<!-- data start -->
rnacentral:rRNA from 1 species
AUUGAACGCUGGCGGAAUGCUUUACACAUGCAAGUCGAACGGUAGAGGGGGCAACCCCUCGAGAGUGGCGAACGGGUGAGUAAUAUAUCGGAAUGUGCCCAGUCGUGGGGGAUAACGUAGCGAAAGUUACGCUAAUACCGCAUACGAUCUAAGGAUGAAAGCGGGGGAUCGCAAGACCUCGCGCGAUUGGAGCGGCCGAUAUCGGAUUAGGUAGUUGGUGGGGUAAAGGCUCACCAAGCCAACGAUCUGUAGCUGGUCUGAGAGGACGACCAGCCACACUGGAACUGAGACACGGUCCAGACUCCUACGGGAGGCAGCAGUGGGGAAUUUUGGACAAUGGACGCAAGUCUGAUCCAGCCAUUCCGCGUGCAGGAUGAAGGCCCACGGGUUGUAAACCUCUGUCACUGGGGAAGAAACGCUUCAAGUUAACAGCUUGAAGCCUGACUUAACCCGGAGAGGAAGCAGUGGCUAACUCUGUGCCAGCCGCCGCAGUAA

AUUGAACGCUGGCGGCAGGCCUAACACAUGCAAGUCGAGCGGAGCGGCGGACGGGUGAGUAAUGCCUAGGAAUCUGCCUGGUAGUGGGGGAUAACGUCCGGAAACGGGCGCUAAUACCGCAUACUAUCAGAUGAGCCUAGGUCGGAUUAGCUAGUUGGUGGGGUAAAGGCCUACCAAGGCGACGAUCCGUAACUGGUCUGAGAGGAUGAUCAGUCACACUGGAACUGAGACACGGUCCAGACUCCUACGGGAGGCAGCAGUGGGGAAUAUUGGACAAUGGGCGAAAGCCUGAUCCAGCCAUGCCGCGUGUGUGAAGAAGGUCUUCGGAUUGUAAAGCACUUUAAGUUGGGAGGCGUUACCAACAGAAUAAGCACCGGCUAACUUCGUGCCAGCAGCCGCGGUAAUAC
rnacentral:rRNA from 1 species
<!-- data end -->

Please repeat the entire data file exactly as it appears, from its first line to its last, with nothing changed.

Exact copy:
rnacentral:rRNA from 1 species
AUUGAACGCUGGCGGAAUGCUUUACACAUGCAAGUCGAACGGUAGAGGGGGCAACCCCUCGAGAGUGGCGAACGGGUGAGUAAUAUAUCGGAAUGUGCCCAGUCGUGGGGGAUAACGUAGCGAAAGUUACGCUAAUACCGCAUACGAUCUAAGGAUGAAAGCGGGGGAUCGCAAGACCUCGCGCGAUUGGAGCGGCCGAUAUCGGAUUAGGUAGUUGGUGGGGUAAAGGCUCACCAAGCCAACGAUCUGUAGCUGGUCUGAGAGGACGACCAGCCACACUGGAACUGAGACACGGUCCAGACUCCUACGGGAGGCAGCAGUGGGGAAUUUUGGACAAUGGACGCAAGUCUGAUCCAGCCAUUCCGCGUGCAGGAUGAAGGCCCACGGGUUGUAAACCUCUGUCACUGGGGAAGAAACGCUUCAAGUUAACAGCUUGAAGCCUGACUUAACCCGGAGAGGAAGCAGUGGCUAACUCUGUGCCAGCCGCCGCAGUAA

AUUGAACGCUGGCGGCAGGCCUAACACAUGCAAGUCGAGCGGAGCGGCGGACGGGUGAGUAAUGCCUAGGAAUCUGCCUGGUAGUGGGGGAUAACGUCCGGAAACGGGCGCUAAUACCGCAUACUAUCAGAUGAGCCUAGGUCGGAUUAGCUAGUUGGUGGGGUAAAGGCCUACCAAGGCGACGAUCCGUAACUGGUCUGAGAGGAUGAUCAGUCACACUGGAACUGAGACACGGUCCAGACUCCUACGGGAGGCAGCAGUGGGGAAUAUUGGACAAUGGGCGAAAGCCUGAUCCAGCCAUGCCGCGUGUGUGAAGAAGGUCUUCGGAUUGUAAAGCACUUUAAGUUGGGAGGCGUUACCAACAGAAUAAGCACCGGCUAACUUCGUGCCAGCAGCCGCGGUAAUAC
rnacentral:rRNA from 1 species